There has been some confusion about how to pronounce the name of Penguins rookie defenseman Olli Maatta.
He cleared that up Friday before a game against the New York Islanders at Consol Energy Center.
It's OH-lee mah-tah. A "T" sound, not a "D" sound, and equal emphasis on both syllables of his last name.
"It's not the easiest," he said.
Figuring out how Maatta has earned a spot alongside Kris Letang in a pairing that calls for more minutes and more responsibility is easier.
"As he's gotten more comfortable and more reliable, more dependable, he's gotten a bump up in responsibility," coach Dan Bylsma said. "Playing with Kris Letang, he's getting [matched against] good players on other teams, top lines at times. He's been up to that task, especially the last two games, maybe three games, [which] have been his strongest games."
Maatta entered the game Friday with a goal and three assists and a plus-minus rating of plus-1.
He was averaging more than 16 minutes of ice time a game in the three games after he moved to Letang's pairing. He was under 16 minutes in 14 of the first 17 games.
"When you get more minutes, you get into the game more," Maatta said. "It's easier if you don't have to sit on the bench [as long]. There's more continuity. You don't have to think the game as much; it just comes automatically."
Maatta, 19, was comfortable with the NHL version of hockey and ready to take on more ice time and a bigger role.
"That's always the goal -- to play more minutes and to play better," he said. "With Kris it's been pretty easy to do my job. He's a good defenseman.
"He communicates a lot, so it's easier for me. He lets me know where to be. Even on the bench and the dressing room, we talk a lot about things."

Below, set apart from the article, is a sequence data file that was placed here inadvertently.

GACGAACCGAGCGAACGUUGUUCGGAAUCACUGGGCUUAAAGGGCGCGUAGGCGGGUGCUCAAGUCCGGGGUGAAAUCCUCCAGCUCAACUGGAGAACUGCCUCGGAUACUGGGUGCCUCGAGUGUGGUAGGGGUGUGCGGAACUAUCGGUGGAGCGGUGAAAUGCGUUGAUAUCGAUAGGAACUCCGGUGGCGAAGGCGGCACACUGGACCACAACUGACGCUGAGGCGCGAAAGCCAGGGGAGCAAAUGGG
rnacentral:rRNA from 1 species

One of the things that works for Maatta is being able to anticipate what Letang, a skilled defenseman, is going to do.
"I feel like he gives more time," Maatta said. "He fakes a pass and then gives it to me, and I have maybe half a second more time, which is big."
Bylsma is doubling as the United States Olympic coach, meaning that during this NHL season he gets a chance to see several potential members of the American team that will be bound for the Sochi Games in February.
One of them is Islanders winger Kyle Okposo, who entered the game with six goals, 20 points in 22 games.
"Kyle is [among the players] that are on 'hard watches,' " Bylsma said. "Almost every night we have people live watching, and we're watching games on video scout.
"He's certainly right from the beginning of the year put himself on the map with the start that he had. Kyle's a guy who typically doesn't start the season the way he has. He's made himself someone we need to look at pretty much nightly."
Even though the Penguins have not given backup goaltender Jeff Zatkoff anything close to a steady amount of work -- his start against the Islanders was just his fourth of the season after going 1-2 -- they are willing to be patient.
In fact, they are nearly throwing out his season and NHL debut, a 6-3 loss Oct. 11 at Florida, in terms of evaluation.
"A lot of guys going into their first game are a little bit nervous and maybe have not gotten the result that they wanted," goalie coach Mike Bales said. "I think that was the case with Jeff.
"I sort of equate it sometimes to when you're going to be a parent. You can read all the books you want, see everything [about it] that you want, but until you have your own kid, you don't really know what it's like to be a parent."
The Penguins reassigned forward Zach Sill to Wilkes-Barre/Scranton of the American Hockey League. Sill, 25, had no points in his season debut a week ago at New Jersey and was a healthy scratch in the ensuing two games. ... The healthy scratches against the Islanders were forward Matt D'Agostini and defenseman Robert Bortuzzo. ... Letang is expected to play in his 400th career game tonight in his hometown of Montreal. ... Injured Penguins defenseman Chuck Kobasew (foot/ankle) skated before the team's game-day skate. Bylsma has said he expects Kobasew to return to practice soon.
Shelly Anderson: email@example.com, 412-263-1721 and Twitter @pgshelly.